Highly permeable mineral/polymer membrane for CO2 separation
To keep greenhouse gas carbon dioxide from entering the environment, it must be stored, or even better used as a raw material. The first step in such processes is the efficient separation of CO2 from exhaust leaving power plants and factories. One current trend is to explore using membrane separation processes. In China, a new approach for making novel membranes based on multilayered materials and polymers has now been developed. As the scientists report in the journal Angewandte Chemie, the cavities between the mineral layers serve as selective transport channels for CO2.
The separation of CO2 plays a role in many technical processes aside from dealing with exhaust. In order to make natural gas or biogas usable for various technical applications, CO2, a destructive, acidic impurity, must be removed. In some equilibrium reactions, such as the production of synthesis gas, the removal of CO2 from the mixture can "drive" the desired reaction.
Membrane separation processes are gaining in popularity because they use less energy and are simpler than conventional separation methods. The key to their success lies in porous materials with highly selective permeability. Clays with a layered structure, such as montmorillonite, are intriguing candidates for the separation of CO2: The spaces between their layers form linear channels containing exchangeable ions. The choice of ion can be used to control the width of the channels. Furthermore, the walls of the channels contain hydroxy groups (OH), which have a high affinity for CO2 molecules. The construction of selective, high-speed transport channels for CO2 depends on the mineral having the right alignment.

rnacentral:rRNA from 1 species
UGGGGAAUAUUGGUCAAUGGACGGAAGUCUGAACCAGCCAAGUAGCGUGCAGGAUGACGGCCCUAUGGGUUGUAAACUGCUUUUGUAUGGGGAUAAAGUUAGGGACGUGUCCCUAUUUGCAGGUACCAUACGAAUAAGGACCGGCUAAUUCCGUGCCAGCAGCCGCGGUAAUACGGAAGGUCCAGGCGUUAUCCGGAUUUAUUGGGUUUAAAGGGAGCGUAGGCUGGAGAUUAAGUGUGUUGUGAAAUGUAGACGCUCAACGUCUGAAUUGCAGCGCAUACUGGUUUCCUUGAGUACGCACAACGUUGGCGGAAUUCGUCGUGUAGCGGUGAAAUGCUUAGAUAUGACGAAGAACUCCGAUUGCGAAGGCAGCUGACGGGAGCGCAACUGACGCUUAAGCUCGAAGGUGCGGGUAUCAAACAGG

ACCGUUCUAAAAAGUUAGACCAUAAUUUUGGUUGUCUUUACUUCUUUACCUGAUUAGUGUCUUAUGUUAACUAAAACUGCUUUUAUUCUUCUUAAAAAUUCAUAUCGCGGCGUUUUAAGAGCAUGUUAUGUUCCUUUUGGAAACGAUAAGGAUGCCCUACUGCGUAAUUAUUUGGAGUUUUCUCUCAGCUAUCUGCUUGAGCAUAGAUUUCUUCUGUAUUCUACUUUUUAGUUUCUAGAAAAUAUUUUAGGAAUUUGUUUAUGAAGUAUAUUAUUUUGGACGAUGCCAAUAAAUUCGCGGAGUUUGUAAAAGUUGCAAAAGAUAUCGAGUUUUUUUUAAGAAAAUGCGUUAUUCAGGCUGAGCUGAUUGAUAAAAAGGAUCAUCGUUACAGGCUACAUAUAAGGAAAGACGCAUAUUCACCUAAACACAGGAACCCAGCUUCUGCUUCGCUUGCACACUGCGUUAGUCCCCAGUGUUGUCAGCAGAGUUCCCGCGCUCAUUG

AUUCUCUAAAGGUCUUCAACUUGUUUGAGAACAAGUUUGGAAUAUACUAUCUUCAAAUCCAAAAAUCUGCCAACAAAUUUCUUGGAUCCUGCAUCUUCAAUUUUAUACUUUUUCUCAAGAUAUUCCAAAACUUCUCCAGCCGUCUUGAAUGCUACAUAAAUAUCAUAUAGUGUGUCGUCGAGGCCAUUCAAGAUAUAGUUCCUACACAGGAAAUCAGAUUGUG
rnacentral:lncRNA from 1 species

A team headed by Zhi Wang and Michael D. Guiver has now achieved this. They succeeded by aligning and embedding the aluminum- and magnesium-containing layered silicate called montmorillonite in a polymer matrix on a substrate.
The researchers from Tianjin University and the Collaborative Innovation Center of Chemical Science and Engineering in Tianjin, China, first stuck polyvinylamineacid chains onto a porous polymer substrate. These polymer chains are aligned perpendicular to the substrate. Between the chains, the researchers introduced nanoparticles of montmorillonite in which they had previously replaced the usual calcium ions with sodium ions. A special coupling reagent was used to bind the mineral layers with the polymer chains into a mixed matrix. This method maintains the layers, and thus their channels, parallel to the polymer chains. The result is an ultrathin membrane with straight channels that can be used for transport.
The OH groups in the channel walls interact with the acidic CO2, facilitating its transport. The permeability of the membrane for CO2 is thus significantly higher than for nitrogen, methane, or hydrogen, which allows the CO2 to be separated from mixtures.